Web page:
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Meeting Abstract

Somatogyral illusions during flight: effect of the post-roll illusion on pilot’s control behaviour

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Nooij, S., & Groen, E. (2010). Somatogyral illusions during flight: effect of the post-roll illusion on pilot’s control behaviour. Journal of Vestibular Research, (20), 215-216.

Cite as: https://hdl.handle.net/11858/00-001M-0000-0013-BF08-B
Background: Due to the high-pass characteristics of
the semicircular canals, the rotation sensation dies out
during constant velocity rotation, and a sensation of rotation in the opposite direction arises when the rotation
stops. This phenomenon is known as the somatogyral
illusion. A model of the semicircular canal dynamics
predicts that the magnitude of this illusion depends
on the amount of per-rotary response-decay. This has
been extensively studied for rotations about the vertical
yaw axis, where the rate of decay is relatively low
(due to velocity storage). In roll – where the sense of
counter rotation is referred to as the post-roll illusion –
the situation is different. Due to the absence of velocity
storage the response-decay is faster, and noticeable
after-effects may occur after shorter movements than
in yaw. This has implications for flying, where short
roll movements occur frequently. When unnoticed, the
post-roll illusion may trigger the pilot to give erroneous
control inputs leading to excessive aircraft bank.
Objectives: We hypothesized that the post-roll illusion
is determined by both the duration and angular rate of
roll motion. We investigated this by studying the effect
of different roll stimuli on the control inputs of pilots
who actively stabilized the aircraft bank in a movingbase
spatial disorientation trainer.
Methods: In flight roll manoeuvres are often coordinated,
meaning that the gravito-inertial vector is always
aligned with the pilot, and the graviceptors do not
provide roll cues. When aircraft roll is simulated by
simply tilting a simulator relative to gravity this will
give the sensation of uncoordinated flight, or sideslip.
For that reason, we tilted the simulator backward as to
orient the subject in a supine position with his roll-axis
being earth vertical. In this situation, simulator rollwas
independent of gravity, simulating coordinated flight.
Subjects (n = 15) were exposed to six different motion
profiles (reference condition, 10◦/s for 12 s, 30◦/s for
2 and 6s, 60◦/s for 2 and 6s) and were instructed to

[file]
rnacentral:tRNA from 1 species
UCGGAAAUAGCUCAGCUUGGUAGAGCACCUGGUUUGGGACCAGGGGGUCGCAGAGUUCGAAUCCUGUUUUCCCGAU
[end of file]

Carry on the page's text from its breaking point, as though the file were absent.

“hold attitude” following the roll movement, without
any visual attitude reference. In other words: they had
to cancel all perceived cabin motion following the roll
movement. Three simulation conditions were investigated.
In the first two, subjects were either blindfolded
(BLIND) or viewed the interior of the cockpit (COCKPIT; no outside view or instruments) and roll motion
was automated. In the third condition (LEAD) subjects
actively performed the roll motion by following a lead
aircraft that disappeared in the fog (no visual attitude
information) after the desiredmovement. The subjects’
control input and simulator movement following each
roll movement were recorded.
Results: In general, subjects corrected for the perceived
counter-rotation by inducing a roll in the same
direction as the preceding movement. Effects were
smallest in the BLIND condition and largest in the
LEAD condition where the pilot was in the loop. The
effect increased with roll rate and duration. These
results reflected the semicircular canal dynamics and
were in accordance with a semicircular canal based
motion perception model.
Conclusion: The results indicate that the post-roll illusion
affected the pilot’s ability to maintain a stable
attitude following a roll movement when visual attitude
cues are absent. Although the effect is largest with
sustained rolling motion, it is also present in shorter
movements lasting only 2s. As far as we know, this was
the first successful attempt to reproduce the post-roll
illusion in a ground-based spatial disorientation trainer.
Such demonstration may be useful in demonstrating
this effect to student pilots.